• How are you extrapolating from the Halacha that we (sometimes) verify people are truly poor before giving them Tzedoka that we should consider who we purchase items from? If someone isn't poor there is no mitzva of tzedoka to begin with. You can argue that the halacha is also meant to discourage fraud but then the other application would be to make sure a business doesn't cheat you or sell stolen goods
    – Schmerel
    Dec 13, 2023 at 14:30
  • @Schmerel "I am sure this principle is not directly related to my question, but..."
    – Rabbi Kaii
    Dec 13, 2023 at 14:31

2 Answers 2

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Strong Immoral Conduct

"It is forbidden to buy a stolen article from a thief. This is a severe sin, for it reinforces a transgressor and motivates him to steal in the future" (Rambam, Theft 5:1)

Case of conduct antithetical to Torah hashkafa

"On the three days before the festivals of gentiles, it is prohibited to engage in business with them" (Mishnah, Avodah Zara 2a)

More subtle cases of political issues

The Gemara asks later what's the reason for the prohibition against conducting business with them. "Is it because of profit (Rashi - and he will subsequently give thanks to his idol) Or perhaps it is because 'you shall not put a stumbling block before the blind' (Rashi- he'll use the animal you sold him for worship)" (Avodah Zara 6a).

It would seem, if the subtle political issue is halachically problematic for the business owner, then one should refrain from doing business with them.

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  • You brought up theft and idol worship. With regards to buying stolen items, it is only strictly forbidden to buy the specific thing that was stolen. Who says that the products of their labor are considered stolen? (Also, if they are being paid something, even woefully little and under duress, how do you know that counts as stolen at all? Someone who does that is called a חמסן , not a גזלן, so it may be a different category.) With regards to idol worship, the assumption that they give commensurate with their gains is shaky, even assuming that the stringency of idol worship carries. Dec 15, 2023 at 1:01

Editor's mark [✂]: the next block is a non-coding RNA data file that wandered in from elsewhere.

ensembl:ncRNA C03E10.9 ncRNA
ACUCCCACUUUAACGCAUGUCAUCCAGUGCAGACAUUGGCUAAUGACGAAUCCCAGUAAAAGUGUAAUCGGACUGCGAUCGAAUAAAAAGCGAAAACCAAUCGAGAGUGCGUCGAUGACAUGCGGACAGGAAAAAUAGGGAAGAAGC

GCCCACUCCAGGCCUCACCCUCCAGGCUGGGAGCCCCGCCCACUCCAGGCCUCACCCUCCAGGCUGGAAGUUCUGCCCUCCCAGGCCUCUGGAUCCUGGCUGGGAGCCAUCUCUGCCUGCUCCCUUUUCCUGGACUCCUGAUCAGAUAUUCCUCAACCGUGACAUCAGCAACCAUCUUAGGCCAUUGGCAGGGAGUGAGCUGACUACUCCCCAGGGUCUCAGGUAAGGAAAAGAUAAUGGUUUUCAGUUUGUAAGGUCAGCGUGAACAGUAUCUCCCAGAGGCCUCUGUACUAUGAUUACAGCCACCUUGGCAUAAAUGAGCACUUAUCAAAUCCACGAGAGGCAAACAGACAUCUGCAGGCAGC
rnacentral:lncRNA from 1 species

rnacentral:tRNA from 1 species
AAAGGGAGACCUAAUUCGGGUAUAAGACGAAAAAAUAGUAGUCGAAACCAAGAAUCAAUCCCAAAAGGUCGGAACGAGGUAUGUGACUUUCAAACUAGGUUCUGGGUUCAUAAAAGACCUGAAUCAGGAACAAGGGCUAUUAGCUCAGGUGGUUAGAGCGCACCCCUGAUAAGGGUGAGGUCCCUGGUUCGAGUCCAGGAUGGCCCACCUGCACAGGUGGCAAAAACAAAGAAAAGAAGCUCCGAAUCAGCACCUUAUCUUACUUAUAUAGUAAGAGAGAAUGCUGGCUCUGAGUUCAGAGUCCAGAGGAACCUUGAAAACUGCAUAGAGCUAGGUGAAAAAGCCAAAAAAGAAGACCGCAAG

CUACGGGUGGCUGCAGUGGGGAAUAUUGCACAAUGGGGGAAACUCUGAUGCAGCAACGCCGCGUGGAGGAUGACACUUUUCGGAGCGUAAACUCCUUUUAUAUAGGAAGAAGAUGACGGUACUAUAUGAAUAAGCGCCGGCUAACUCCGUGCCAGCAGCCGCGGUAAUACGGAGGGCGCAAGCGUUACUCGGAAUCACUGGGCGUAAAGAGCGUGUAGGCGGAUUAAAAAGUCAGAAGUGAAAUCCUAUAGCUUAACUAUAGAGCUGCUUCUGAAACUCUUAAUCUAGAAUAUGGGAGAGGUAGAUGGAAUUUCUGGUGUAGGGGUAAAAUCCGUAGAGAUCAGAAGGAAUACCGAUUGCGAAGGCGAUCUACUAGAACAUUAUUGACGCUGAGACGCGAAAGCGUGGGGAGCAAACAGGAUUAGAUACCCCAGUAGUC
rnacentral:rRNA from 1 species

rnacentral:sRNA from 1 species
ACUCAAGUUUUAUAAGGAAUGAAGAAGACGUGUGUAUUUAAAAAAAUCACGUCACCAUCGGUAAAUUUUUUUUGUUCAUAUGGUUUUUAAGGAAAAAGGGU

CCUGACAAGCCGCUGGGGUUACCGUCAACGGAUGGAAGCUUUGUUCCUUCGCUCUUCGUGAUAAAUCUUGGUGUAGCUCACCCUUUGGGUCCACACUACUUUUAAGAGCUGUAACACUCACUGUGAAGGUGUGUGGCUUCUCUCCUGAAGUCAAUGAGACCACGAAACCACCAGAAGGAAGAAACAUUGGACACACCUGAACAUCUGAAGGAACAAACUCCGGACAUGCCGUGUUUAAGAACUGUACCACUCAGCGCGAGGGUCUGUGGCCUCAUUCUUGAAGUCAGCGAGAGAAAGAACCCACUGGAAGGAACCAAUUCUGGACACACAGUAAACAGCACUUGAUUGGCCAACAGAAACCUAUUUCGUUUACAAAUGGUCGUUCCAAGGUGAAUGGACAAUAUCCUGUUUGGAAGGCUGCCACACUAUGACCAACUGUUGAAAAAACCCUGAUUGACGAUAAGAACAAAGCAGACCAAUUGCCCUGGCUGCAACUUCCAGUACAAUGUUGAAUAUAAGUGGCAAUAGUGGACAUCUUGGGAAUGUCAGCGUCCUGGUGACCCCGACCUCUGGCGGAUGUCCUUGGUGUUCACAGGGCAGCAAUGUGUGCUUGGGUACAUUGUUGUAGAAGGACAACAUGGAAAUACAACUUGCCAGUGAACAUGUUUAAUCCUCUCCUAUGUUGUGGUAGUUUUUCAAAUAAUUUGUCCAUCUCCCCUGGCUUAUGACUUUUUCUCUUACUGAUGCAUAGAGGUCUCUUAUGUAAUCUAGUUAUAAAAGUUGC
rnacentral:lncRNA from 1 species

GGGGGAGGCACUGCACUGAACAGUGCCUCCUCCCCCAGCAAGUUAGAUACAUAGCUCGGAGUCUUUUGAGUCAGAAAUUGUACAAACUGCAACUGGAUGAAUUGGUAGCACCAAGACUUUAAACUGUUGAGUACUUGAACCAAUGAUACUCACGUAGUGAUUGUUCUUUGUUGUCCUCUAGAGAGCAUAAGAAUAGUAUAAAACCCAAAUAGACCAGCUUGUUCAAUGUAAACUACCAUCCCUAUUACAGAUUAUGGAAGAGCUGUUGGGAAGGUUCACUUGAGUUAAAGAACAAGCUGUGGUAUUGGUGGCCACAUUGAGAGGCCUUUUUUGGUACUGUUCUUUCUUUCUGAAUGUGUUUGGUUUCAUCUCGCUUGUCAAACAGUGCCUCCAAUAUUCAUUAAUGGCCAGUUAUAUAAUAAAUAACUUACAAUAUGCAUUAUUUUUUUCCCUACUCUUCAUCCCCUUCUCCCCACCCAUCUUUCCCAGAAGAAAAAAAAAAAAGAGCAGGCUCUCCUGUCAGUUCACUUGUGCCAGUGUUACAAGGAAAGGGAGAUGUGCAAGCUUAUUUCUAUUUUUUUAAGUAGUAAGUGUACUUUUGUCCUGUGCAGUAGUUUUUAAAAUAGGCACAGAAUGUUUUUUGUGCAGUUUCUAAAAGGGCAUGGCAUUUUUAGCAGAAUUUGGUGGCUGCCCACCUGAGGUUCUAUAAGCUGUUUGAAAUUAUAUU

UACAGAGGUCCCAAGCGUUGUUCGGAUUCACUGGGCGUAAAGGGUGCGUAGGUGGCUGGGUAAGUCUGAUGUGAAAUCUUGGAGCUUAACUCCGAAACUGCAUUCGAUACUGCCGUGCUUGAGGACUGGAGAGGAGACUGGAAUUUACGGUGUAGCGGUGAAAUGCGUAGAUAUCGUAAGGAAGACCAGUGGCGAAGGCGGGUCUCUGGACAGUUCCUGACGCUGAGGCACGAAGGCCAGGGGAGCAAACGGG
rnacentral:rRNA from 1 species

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Regarding what you called the most subtle case. Here's what I can find in Sefer haMidot, and I think it answers that case. Basically if your mind is there then you already ought to consider where the money comes from and where it goes and be conscientious to the extent possible.

Likutei Etzot - Mamon u'parnasah

  1. "There is also another rectification for the desire for money, which is to look at the root from which all money and its influences come. Through contemplating this, one's desire is nullified, for there in its root, all influence is pure, clear light, and spiritual pleasure, and there is no desire except for that which is connected to holiness. And who is foolish enough to abandon spiritual pleasure and take material pleasure in its place? But this contemplation is impossible to achieve until one rectifies their covenant, as it is written, 'And from my flesh, I behold God,' as in the beginning, one must rectify the holy flesh, and then they can look upon Godliness. And for this reason, the essence of the rectification of the desire for money is through the covenant, and when one rectifies their covenant, it is impossible to fall back into the desire for money" (Likutei Moharan, 23:5).